THE FIVE-NANOGRAM RULE
Of course, all of this hinges on having a legal standard to measure against. Some states in the U.S. where medicinal marijuana is legal have already established zero-tolerance policies for driving under the influence of cannabis; get caught with THC in your bloodstream while driving and it's an immediate conviction regardless of how much THC that is (or whether it is the cause of your impairment). But with Washington state and Colorado opening the door to legal, recreational use of cannabis their legislatures are choosing -- like several other medicinal marijuana states -- to treat cannabis more like alcohol. That is, you can toke a responsible amount and still get behind the wheel, but should you cross a certain threshold you are in serious legal trouble.
So where does the five-nanogram-per-milliliter rule established by both Washington and Colorado come from? Not from Washington or Colorado. It's an administrative decision that might seem somewhat arbitrary, though it's no more arbitrary than decreeing that somewhere between .07 BAC and .08 BAC a person transforms from capable to dangerously drunk. The five-nanogram rule is rooted in several studies and for several scientific reasons, the first of which actually sides with the regular marijuana user. In the first studies that emerged showing that blood tests could detect residual THC in the bodies of chronic cannabis users even days after they last dosed, none of those chronic users registered higher than five nanograms per milliliter at 24 hours after their last dose, Huestis says. So the rule is in part designed to reduce the likelihood that chronic users will get slapped with D.U.I.D. convictions when in fact they haven't consumed cannabis in more than a day.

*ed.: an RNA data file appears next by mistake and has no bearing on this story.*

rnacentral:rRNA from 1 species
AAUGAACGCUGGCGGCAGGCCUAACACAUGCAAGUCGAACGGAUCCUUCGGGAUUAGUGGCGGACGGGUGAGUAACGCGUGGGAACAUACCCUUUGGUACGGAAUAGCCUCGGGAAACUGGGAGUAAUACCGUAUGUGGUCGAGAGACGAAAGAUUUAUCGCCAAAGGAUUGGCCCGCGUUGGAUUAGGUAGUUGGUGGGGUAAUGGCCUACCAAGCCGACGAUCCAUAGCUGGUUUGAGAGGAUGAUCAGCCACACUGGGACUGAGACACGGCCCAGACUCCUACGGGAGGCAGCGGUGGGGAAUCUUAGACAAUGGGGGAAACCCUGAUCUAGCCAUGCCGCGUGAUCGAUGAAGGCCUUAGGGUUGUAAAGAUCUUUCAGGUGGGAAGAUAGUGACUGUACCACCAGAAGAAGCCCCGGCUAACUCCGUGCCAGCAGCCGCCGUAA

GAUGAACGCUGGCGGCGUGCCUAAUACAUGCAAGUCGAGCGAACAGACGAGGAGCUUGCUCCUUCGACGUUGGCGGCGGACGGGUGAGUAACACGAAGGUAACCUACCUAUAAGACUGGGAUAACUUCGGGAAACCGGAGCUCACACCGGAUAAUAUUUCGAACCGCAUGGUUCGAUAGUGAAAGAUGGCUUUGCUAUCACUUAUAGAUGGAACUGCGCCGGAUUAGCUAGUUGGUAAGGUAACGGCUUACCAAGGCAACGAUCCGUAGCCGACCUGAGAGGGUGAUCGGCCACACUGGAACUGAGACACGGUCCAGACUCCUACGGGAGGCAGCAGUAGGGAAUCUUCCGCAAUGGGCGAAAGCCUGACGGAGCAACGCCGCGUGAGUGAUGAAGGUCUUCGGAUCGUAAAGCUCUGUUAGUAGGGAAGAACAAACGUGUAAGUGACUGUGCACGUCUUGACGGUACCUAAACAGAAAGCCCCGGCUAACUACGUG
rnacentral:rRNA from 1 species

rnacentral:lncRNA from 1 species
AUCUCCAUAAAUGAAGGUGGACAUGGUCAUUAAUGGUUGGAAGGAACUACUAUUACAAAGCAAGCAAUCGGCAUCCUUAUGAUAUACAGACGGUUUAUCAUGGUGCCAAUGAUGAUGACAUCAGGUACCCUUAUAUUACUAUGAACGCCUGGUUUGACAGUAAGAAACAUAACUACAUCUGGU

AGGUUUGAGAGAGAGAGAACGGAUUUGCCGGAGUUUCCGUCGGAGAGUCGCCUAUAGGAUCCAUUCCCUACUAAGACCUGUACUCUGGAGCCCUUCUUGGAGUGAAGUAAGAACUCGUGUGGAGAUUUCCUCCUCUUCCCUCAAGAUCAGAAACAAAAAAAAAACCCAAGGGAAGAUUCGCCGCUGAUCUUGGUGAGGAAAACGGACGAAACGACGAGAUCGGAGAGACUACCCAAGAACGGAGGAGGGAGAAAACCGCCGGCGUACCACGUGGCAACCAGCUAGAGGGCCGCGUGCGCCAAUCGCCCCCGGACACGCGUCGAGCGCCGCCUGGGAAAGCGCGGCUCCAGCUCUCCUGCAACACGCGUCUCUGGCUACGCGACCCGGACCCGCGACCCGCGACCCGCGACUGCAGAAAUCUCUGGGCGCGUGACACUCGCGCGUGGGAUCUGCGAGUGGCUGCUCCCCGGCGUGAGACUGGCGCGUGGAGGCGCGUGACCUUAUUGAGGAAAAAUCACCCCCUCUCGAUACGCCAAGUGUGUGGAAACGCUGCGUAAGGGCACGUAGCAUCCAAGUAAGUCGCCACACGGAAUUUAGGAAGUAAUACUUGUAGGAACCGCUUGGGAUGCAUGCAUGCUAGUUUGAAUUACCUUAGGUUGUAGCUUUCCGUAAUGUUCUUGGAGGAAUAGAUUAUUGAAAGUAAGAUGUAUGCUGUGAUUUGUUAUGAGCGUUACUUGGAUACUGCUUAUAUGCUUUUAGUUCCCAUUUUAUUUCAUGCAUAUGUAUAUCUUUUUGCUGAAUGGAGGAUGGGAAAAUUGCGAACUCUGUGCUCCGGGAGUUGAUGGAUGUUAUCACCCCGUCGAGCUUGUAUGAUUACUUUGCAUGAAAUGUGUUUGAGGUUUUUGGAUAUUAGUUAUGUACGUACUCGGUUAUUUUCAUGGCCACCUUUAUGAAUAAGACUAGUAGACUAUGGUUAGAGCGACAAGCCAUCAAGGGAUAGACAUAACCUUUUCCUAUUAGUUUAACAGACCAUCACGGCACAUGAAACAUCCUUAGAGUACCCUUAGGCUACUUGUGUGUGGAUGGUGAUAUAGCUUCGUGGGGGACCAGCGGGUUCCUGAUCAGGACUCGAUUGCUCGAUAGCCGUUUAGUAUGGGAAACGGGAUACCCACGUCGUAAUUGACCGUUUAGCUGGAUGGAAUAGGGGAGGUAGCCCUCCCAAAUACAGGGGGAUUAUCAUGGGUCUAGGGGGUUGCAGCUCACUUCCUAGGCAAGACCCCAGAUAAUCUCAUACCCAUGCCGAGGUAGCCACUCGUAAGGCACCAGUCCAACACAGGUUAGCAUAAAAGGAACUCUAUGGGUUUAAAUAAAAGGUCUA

The other reason states tend to gravitate toward the five-nanogram rule is far more nebulous, but there's some scientific evidence, borne out by data, that when THC counts in the bloodstream of a driver are at five nanograms per milliliter or higher, that driver's chance of being involved in a fatal accident begin to climb steeply. One Australian study found that with any measurable THC in the bloodstream a driver is twice as likely to be involved in a fatal accident, but at five nanograms per millimeter of THC that number jumps to 6.6. times more likely, Huestis says. Five nanograms is the point where the chances of something bad happening seem to start climbing steeply.
But that's not really so clear. Some German studies have shown significant impairment in subjects testing in the area between two and five nanograms per milliliter (Germany is considering adopting the five-nanogram standard as well) and in Sweden, where standards for impaired driving are among the most rigorous and enforced by stringent legal penalties (the legal BAC limit is 0.02, or a quarter that of the U.S.), one laboratory found that 90 percent of that country's cannabis impairment cases had a level of one nanogram of THC per milliliter. So where impairment is concerned there's a lot of gray area -- and a lot of scientific debate -- between zero nanograms and five nanograms per milliliter, not to mention a lot of varying opinion on what constitutes "impaired."
But ultimately the long-sought portable roadside THC test for law enforcement may be less important than many have made it out to be. After all, in the eyes of the law no one really cares how impaired you are, only that you are impaired. That's the way it works for alcohol impairment, and the way it has worked for years. Though easier to measure and evaluate at the roadside, blood alcohol concentration really has no quantifiable correlation to how impaired a person is. Alcohol affects different people in different ways, but regardless you still go to jail for driving in the U.S. with a blood alcohol concentration that tops 0.08 (celebrities and the politically well-connected notwithstanding). How capable you really are of driving is beside the point.